Cavalier County part of FEMA Disaster declaration

While the state of North Dakota battles severe drought in the southwest corner and Cavalier County, itself, is abnormally dry, it may come as a surprise to learn that the county has actually just received a declaration of spring flooding disaster from the Federal Emergency Management Agency (FEMA).

Posted 07/28/2017

By Melissa Anderson
“Cavalier County declared a spring flood disaster due to excessive snow fall early in the winter combined with the rapid melt that damaged many roads and washed out numerous culverts,” Cavalier County Road Supervisor Terry Johnston said.
The damages that occurred this spring as a result of the rapid melt was mostly due to culvert washouts and damage to roadways due to saturation. Overall, the damage is county wide with the exception of a few townships having little or no damage.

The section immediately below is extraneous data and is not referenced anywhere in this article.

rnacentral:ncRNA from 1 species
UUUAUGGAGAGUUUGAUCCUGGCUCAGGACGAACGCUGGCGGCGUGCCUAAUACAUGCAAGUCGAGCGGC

“This disaster declaration will be very helpful to both the county and townships in the recovery from disaster,” Johnston stated.
The preliminary damage assessments for Cavalier County were in excess of one million dollars, which validated the disaster declaration and the subsequent federal funds needed in order to address the roadways in need of repair. This funding is 75 percent federal, 10 percent state, and 15 percent local.
“The federal declaration provides the funding needed to properly repair damages that county and townships would otherwise struggle to come up with,” Johnston said.
An Applicants Briefing was held in Grafton on July 26 for those counties receiving the FEMA declaration to attend and Johnston expects the disaster inspectors to arrive early August.
Johnston does note that the repair work can be completed as long as pictures are taken of the damage prior to repair and the invoices of work completed are brought in to his office at the Cavalier County Courthouse.
“I would estimate the inspection to last at least two months and expect everything to go quite smoothly. The state has always provided us with good inspectors that are very competent and fair,” Johnston said.

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